Working with TRUPP has been fun learning how to plant vegetables and fruits, also with Linda Self Sustaining Community's. If it wasn't for The Remember Us People Project and Self Sustaining Community I probably wouldn't be going to school for my G.E.D and Attending Contra Costa College to play Football and Majoring In Administration Of Justice This Fall. In the meantime I also monitor tenants with mental health issues and maintain peoples yards around the neighborhood.

Ways to make it better...

If I had to make changes to this organization, I would...

Wouldn't change anything about it.

More feedback...

Would you volunteer for this group again?

Definitely

For the time you spent, how much of an impact did you feel your work or activity had?

Life-changing

Did the organization use your time wisely?

Very Well

Would you recommend this group to a friend?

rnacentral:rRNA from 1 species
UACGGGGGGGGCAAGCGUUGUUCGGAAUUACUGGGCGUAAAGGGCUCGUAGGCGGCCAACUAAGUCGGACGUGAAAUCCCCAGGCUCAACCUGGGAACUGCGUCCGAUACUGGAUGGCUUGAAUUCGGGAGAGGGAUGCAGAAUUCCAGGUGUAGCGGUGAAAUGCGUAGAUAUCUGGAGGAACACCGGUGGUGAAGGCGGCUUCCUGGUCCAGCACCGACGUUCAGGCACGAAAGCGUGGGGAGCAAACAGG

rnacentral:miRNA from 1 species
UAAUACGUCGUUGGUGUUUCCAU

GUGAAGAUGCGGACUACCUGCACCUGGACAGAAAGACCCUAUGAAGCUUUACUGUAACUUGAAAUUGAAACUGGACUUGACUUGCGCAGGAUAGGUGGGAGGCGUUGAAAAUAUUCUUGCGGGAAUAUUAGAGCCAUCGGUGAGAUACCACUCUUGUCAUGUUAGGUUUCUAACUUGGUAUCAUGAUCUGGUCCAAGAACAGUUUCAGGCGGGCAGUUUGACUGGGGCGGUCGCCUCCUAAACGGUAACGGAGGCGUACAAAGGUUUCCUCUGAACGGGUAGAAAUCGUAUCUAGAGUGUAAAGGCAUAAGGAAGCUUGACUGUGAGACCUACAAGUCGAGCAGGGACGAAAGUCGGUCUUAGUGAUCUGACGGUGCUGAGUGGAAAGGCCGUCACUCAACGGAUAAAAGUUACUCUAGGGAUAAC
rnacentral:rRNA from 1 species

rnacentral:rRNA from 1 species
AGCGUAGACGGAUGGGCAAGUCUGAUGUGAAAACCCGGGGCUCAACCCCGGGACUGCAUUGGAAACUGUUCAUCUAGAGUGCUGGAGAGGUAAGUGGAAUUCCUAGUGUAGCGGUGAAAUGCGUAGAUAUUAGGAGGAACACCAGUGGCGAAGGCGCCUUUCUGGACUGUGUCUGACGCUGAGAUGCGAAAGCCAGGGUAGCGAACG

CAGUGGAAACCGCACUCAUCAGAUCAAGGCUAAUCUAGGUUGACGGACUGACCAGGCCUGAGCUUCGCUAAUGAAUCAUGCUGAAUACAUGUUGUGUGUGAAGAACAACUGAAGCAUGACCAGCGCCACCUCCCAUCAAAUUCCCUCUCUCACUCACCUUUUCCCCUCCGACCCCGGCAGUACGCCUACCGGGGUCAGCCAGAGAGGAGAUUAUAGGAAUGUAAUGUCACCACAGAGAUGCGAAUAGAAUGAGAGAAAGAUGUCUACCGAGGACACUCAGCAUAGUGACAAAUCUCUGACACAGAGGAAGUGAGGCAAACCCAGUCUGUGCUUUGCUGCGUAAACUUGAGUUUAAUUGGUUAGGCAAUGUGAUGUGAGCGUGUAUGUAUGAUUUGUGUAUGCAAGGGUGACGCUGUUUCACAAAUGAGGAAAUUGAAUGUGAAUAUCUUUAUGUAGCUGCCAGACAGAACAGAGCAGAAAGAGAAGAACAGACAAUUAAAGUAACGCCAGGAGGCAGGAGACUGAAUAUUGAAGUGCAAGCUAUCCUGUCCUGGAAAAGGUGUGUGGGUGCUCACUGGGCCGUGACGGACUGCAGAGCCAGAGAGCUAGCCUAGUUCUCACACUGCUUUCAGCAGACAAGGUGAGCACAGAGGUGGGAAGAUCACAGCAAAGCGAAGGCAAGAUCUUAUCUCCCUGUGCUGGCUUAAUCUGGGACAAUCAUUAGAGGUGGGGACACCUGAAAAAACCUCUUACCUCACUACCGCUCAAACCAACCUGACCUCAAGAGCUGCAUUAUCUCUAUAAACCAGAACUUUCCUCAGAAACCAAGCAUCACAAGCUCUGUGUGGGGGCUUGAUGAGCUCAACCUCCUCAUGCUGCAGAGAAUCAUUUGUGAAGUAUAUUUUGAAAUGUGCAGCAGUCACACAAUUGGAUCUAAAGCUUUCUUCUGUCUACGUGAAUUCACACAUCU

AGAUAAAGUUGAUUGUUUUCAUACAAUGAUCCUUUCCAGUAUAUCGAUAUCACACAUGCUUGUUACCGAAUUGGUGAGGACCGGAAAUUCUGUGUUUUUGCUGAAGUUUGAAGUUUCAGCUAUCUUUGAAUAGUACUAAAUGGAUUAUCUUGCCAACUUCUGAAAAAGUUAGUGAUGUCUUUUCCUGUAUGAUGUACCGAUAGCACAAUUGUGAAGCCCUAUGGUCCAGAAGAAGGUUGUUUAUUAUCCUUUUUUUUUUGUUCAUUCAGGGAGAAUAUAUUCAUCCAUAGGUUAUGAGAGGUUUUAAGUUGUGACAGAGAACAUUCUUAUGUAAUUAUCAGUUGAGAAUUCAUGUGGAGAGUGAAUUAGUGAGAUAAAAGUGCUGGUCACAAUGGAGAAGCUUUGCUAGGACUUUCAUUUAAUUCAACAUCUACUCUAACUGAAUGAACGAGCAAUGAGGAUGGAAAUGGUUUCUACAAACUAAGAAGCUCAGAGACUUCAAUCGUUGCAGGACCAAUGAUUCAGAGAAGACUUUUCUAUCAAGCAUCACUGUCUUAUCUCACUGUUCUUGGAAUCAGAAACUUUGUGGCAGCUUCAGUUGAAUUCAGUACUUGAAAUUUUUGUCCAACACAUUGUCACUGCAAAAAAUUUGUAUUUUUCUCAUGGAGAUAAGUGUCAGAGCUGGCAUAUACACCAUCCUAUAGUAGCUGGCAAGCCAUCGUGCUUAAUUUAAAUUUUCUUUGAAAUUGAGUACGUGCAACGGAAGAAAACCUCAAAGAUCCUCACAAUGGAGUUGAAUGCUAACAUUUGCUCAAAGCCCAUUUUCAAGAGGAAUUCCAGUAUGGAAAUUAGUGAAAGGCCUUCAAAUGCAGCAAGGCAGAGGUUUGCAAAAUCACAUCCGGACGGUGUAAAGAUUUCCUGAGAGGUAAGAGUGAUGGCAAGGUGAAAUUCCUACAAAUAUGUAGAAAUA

Definitely

When was your last experience with this nonprofit?

2014

August 14, 2014

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August 14, 2014

One day I met this lady name Linda. She was on a piece of property that had farm animals and organic vegetable plants growing. I met her through a friend. He explained to me what she was doing and how her non-profit has up lifted the community, by growing and planting your own vegetables. At first I wasn't interested in what was going on until I actual had eaten from the garden in which she provides for. Several weeks later I made contact with her to ask if I may come out to the farm and participate. At that time I began to talk to her about what I was trying to do in the city of Richmond. I explained to her that I had done five (5) years in prison, and while I was incarcerated I wrote a program called The Remember Us People Project (trupp)


This program that I wrote consist of working with individuals that have been formally incarcerated or not, that simply have know where to go upon release from prison or county jail, or just plan homeless. This is what we call transitional living/housing. As time passed, I became more involved with what linda had going. A few of my guys that live in the transition house started getting involved with self sustaining community. By being involved with self sustaining community, we developed a business relationship. Linda and her organization became my fiscal agent.